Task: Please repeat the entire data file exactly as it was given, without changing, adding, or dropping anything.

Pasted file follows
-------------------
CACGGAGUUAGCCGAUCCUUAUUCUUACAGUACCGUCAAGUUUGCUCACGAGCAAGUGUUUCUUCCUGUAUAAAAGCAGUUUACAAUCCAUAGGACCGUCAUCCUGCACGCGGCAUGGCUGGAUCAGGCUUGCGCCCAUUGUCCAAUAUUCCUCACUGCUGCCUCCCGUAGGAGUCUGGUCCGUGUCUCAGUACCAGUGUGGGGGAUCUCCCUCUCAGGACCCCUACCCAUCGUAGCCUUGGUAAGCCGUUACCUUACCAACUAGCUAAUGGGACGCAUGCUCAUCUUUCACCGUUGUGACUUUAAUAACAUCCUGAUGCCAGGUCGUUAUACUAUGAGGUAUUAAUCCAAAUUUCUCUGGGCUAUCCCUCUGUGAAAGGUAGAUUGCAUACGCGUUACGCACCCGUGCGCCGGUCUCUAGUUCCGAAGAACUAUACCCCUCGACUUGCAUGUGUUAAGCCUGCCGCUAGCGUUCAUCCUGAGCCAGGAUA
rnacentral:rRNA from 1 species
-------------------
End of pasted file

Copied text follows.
CACGGAGUUAGCCGAUCCUUAUUCUUACAGUACCGUCAAGUUUGCUCACGAGCAAGUGUUUCUUCCUGUAUAAAAGCAGUUUACAAUCCAUAGGACCGUCAUCCUGCACGCGGCAUGGCUGGAUCAGGCUUGCGCCCAUUGUCCAAUAUUCCUCACUGCUGCCUCCCGUAGGAGUCUGGUCCGUGUCUCAGUACCAGUGUGGGGGAUCUCCCUCUCAGGACCCCUACCCAUCGUAGCCUUGGUAAGCCGUUACCUUACCAACUAGCUAAUGGGACGCAUGCUCAUCUUUCACCGUUGUGACUUUAAUAACAUCCUGAUGCCAGGUCGUUAUACUAUGAGGUAUUAAUCCAAAUUUCUCUGGGCUAUCCCUCUGUGAAAGGUAGAUUGCAUACGCGUUACGCACCCGUGCGCCGGUCUCUAGUUCCGAAGAACUAUACCCCUCGACUUGCAUGUGUUAAGCCUGCCGCUAGCGUUCAUCCUGAGCCAGGAUA
rnacentral:rRNA from 1 species